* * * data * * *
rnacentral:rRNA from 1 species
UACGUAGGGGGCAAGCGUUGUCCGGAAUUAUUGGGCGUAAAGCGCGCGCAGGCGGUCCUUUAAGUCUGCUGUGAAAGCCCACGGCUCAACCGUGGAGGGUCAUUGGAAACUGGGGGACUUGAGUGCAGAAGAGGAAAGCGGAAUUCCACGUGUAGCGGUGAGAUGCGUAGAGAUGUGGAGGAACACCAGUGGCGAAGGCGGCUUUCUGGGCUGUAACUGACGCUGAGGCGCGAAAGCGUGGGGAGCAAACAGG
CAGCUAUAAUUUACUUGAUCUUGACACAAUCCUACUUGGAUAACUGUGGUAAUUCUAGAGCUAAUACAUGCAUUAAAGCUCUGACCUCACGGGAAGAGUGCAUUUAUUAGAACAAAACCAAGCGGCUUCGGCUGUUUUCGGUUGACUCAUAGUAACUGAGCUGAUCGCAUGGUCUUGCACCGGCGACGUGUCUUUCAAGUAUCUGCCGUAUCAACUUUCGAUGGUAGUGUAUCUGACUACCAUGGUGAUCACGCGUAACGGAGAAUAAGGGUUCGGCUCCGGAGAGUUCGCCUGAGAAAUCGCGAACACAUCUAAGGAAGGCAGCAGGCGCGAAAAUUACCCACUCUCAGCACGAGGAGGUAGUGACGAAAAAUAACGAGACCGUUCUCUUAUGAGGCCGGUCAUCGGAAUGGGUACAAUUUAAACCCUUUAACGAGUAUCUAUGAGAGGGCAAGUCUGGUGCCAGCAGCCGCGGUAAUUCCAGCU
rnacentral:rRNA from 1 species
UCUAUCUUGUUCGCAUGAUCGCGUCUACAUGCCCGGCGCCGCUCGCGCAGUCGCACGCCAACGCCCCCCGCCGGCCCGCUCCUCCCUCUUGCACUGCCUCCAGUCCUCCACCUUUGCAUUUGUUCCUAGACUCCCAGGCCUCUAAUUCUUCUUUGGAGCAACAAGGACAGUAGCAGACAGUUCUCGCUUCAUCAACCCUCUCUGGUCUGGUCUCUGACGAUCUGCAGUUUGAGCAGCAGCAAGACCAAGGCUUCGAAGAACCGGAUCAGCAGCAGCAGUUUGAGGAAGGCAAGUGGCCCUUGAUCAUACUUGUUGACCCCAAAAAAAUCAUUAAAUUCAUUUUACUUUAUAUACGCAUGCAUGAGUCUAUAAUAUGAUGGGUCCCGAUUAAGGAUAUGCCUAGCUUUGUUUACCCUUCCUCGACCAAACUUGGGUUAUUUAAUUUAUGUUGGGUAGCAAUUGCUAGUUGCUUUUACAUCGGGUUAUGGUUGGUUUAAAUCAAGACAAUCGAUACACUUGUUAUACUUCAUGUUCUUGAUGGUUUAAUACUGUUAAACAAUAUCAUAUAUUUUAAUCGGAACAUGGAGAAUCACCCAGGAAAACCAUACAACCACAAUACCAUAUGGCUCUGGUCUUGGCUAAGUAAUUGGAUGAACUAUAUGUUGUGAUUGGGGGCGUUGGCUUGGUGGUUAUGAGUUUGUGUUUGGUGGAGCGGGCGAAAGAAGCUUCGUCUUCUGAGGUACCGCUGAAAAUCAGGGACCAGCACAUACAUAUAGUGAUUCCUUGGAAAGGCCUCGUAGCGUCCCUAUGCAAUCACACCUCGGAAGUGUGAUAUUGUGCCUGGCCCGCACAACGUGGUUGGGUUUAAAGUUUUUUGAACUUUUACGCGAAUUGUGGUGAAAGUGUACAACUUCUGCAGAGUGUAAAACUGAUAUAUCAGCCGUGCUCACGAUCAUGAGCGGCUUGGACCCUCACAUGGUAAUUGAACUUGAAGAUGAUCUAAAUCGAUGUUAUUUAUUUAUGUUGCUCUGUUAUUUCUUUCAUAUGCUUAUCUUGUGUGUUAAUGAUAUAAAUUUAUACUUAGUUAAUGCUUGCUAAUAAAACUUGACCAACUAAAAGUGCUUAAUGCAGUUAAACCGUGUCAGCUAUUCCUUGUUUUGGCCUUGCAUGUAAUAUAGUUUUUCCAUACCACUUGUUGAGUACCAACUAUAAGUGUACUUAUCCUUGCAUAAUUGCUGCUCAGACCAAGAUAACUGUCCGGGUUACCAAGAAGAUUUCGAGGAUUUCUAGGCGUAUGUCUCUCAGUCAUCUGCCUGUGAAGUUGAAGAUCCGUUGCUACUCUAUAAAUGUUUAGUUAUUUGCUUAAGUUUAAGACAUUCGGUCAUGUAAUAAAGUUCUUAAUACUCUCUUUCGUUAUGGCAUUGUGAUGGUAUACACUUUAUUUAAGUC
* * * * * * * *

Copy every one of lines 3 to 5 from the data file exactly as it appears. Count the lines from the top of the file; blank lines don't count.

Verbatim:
CAGCUAUAAUUUACUUGAUCUUGACACAAUCCUACUUGGAUAACUGUGGUAAUUCUAGAGCUAAUACAUGCAUUAAAGCUCUGACCUCACGGGAAGAGUGCAUUUAUUAGAACAAAACCAAGCGGCUUCGGCUGUUUUCGGUUGACUCAUAGUAACUGAGCUGAUCGCAUGGUCUUGCACCGGCGACGUGUCUUUCAAGUAUCUGCCGUAUCAACUUUCGAUGGUAGUGUAUCUGACUACCAUGGUGAUCACGCGUAACGGAGAAUAAGGGUUCGGCUCCGGAGAGUUCGCCUGAGAAAUCGCGAACACAUCUAAGGAAGGCAGCAGGCGCGAAAAUUACCCACUCUCAGCACGAGGAGGUAGUGACGAAAAAUAACGAGACCGUUCUCUUAUGAGGCCGGUCAUCGGAAUGGGUACAAUUUAAACCCUUUAACGAGUAUCUAUGAGAGGGCAAGUCUGGUGCCAGCAGCCGCGGUAAUUCCAGCU
rnacentral:rRNA from 1 species
UCUAUCUUGUUCGCAUGAUCGCGUCUACAUGCCCGGCGCCGCUCGCGCAGUCGCACGCCAACGCCCCCCGCCGGCCCGCUCCUCCCUCUUGCACUGCCUCCAGUCCUCCACCUUUGCAUUUGUUCCUAGACUCCCAGGCCUCUAAUUCUUCUUUGGAGCAACAAGGACAGUAGCAGACAGUUCUCGCUUCAUCAACCCUCUCUGGUCUGGUCUCUGACGAUCUGCAGUUUGAGCAGCAGCAAGACCAAGGCUUCGAAGAACCGGAUCAGCAGCAGCAGUUUGAGGAAGGCAAGUGGCCCUUGAUCAUACUUGUUGACCCCAAAAAAAUCAUUAAAUUCAUUUUACUUUAUAUACGCAUGCAUGAGUCUAUAAUAUGAUGGGUCCCGAUUAAGGAUAUGCCUAGCUUUGUUUACCCUUCCUCGACCAAACUUGGGUUAUUUAAUUUAUGUUGGGUAGCAAUUGCUAGUUGCUUUUACAUCGGGUUAUGGUUGGUUUAAAUCAAGACAAUCGAUACACUUGUUAUACUUCAUGUUCUUGAUGGUUUAAUACUGUUAAACAAUAUCAUAUAUUUUAAUCGGAACAUGGAGAAUCACCCAGGAAAACCAUACAACCACAAUACCAUAUGGCUCUGGUCUUGGCUAAGUAAUUGGAUGAACUAUAUGUUGUGAUUGGGGGCGUUGGCUUGGUGGUUAUGAGUUUGUGUUUGGUGGAGCGGGCGAAAGAAGCUUCGUCUUCUGAGGUACCGCUGAAAAUCAGGGACCAGCACAUACAUAUAGUGAUUCCUUGGAAAGGCCUCGUAGCGUCCCUAUGCAAUCACACCUCGGAAGUGUGAUAUUGUGCCUGGCCCGCACAACGUGGUUGGGUUUAAAGUUUUUUGAACUUUUACGCGAAUUGUGGUGAAAGUGUACAACUUCUGCAGAGUGUAAAACUGAUAUAUCAGCCGUGCUCACGAUCAUGAGCGGCUUGGACCCUCACAUGGUAAUUGAACUUGAAGAUGAUCUAAAUCGAUGUUAUUUAUUUAUGUUGCUCUGUUAUUUCUUUCAUAUGCUUAUCUUGUGUGUUAAUGAUAUAAAUUUAUACUUAGUUAAUGCUUGCUAAUAAAACUUGACCAACUAAAAGUGCUUAAUGCAGUUAAACCGUGUCAGCUAUUCCUUGUUUUGGCCUUGCAUGUAAUAUAGUUUUUCCAUACCACUUGUUGAGUACCAACUAUAAGUGUACUUAUCCUUGCAUAAUUGCUGCUCAGACCAAGAUAACUGUCCGGGUUACCAAGAAGAUUUCGAGGAUUUCUAGGCGUAUGUCUCUCAGUCAUCUGCCUGUGAAGUUGAAGAUCCGUUGCUACUCUAUAAAUGUUUAGUUAUUUGCUUAAGUUUAAGACAUUCGGUCAUGUAAUAAAGUUCUUAAUACUCUCUUUCGUUAUGGCAUUGUGAUGGUAUACACUUUAUUUAAGUC